Hat party turns into a fun treasure hunt
Dressy hats are no longer found in abundance.
KNIGHT RIDDER NEWSPAPERS
PACIFIC GROVE, Calif. -- Ever try to find a fancy hat in California? It's a tougher proposition than it sounds.
Sure, there are casual hats galore -- baseball caps, beanies, visors and cowboy hats, just to name a few -- but dressy hats are not found in the abundance that they were, say, in the 1950s.
So it was for the women who attended Linda Villemaire's hat party this summer in Pacific Grove. Finding appropriate headwear for the event was something of a treasure hunt.
Luckily, for those who needed them, Villemaire had extras.
Villemaire, an Alabama native transplanted to Monterey County, Calif., admits that she has a serious hat habit. She has at least 20 dress hats of all colors, shapes and sizes, and said that's just a rough guesstimate . . . there are probably more.
Hat parties are common in the South, even if not so on the Left Coast. So it was only natural that when Villemaire was planning her wedding to Greg Sarratt, she also wanted to have a prewedding get-together for her best buddies -- wearing hats.
The hat party attracted chapeaus of all shapes, sizes, materials and colors -- everything from a red bowler with sprouts of black feathers to tiny lids held on by hat pins to pretty summer hats with big brims and silk roses.
"Everyone feels special when they're all dressed up," said Villemaire, attired in a stunning white portrait hat with tulle train, a perfect match for her white-and-pink halter dress and lace parasol.
Even the caterers wore hats at this party, which included croquet, champagne and cucumber sandwiches with the crusts cut off.
But finding hats was hard. Even Villemaire's bride-to-be hat was imported from Modesto, Calif., thanks to friend Melinda McDonough, who found her own hat there.
Others at the party raided vintage clothing stores or thrift shops, in addition to more traditional boutiques. Some dug up hats from home that hadn't been worn in years.
"This is only the third hat I've ever owned," said Billie Essenwanger, one of the guests at the party. "I'm dressing around the hat."
Said Rachel Starks, the matron of honor for the wedding, "There's not a lot of selection at local stores." She found her big-brimmed portrait hat -- reminiscent of the one Julia Roberts wore in "Pretty Woman" -- at a shop in Pacific Grove.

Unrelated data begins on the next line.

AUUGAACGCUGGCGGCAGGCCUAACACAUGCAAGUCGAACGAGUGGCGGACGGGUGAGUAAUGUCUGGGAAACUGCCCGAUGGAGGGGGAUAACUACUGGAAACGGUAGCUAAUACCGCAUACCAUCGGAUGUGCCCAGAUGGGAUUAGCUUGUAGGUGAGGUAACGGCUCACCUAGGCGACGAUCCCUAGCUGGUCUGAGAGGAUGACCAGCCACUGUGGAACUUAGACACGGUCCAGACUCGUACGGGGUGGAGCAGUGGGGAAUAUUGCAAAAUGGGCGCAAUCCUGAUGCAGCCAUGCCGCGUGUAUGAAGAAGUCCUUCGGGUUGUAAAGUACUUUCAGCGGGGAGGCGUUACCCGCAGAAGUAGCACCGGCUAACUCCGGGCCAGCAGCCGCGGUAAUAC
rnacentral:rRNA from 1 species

"This is the result of power-shopping at Macy's last night," said Carin Cook about her rose-topped white summer hat. "I've never owned a hat before. I had fun looking for it."
Although just about everyone at the party insisted, "I'm not really a hat person," there they were with hats, following the instructions listed on the invitation to this soiree.
Villemaire's future mother-in-law and sister-in-law, Mary and Laura Sarratt, borrowed hats from Villemaire's considerable collection. So did several friends, including one who insisted she'd arrived in a fishing hat but decided to switch at the party.
"I'm constantly on the lookout for new hats. I'll buy whatever hits my fancy," said Villemaire, who works as a critical care nurse. She displayed some of her hats on a rack at the party.
Warm and fuzzy
One of the most unique hats, a warm fuzzy "bucket" with pink stripes, belonged to Erin Bean of Prunedale, Calif.
"I've had it for a while. It's nice in the fog," said Bean, who wore pink high-heeled sandals to match.
The hat theme was carried on by the choice of party favors -- bracelets with hat charms -- and partygoers also got to play party games and vote for their favorite outfit. The prize went to Starks.
"This is so much fun that I may have to do it once a month," said Villemaire.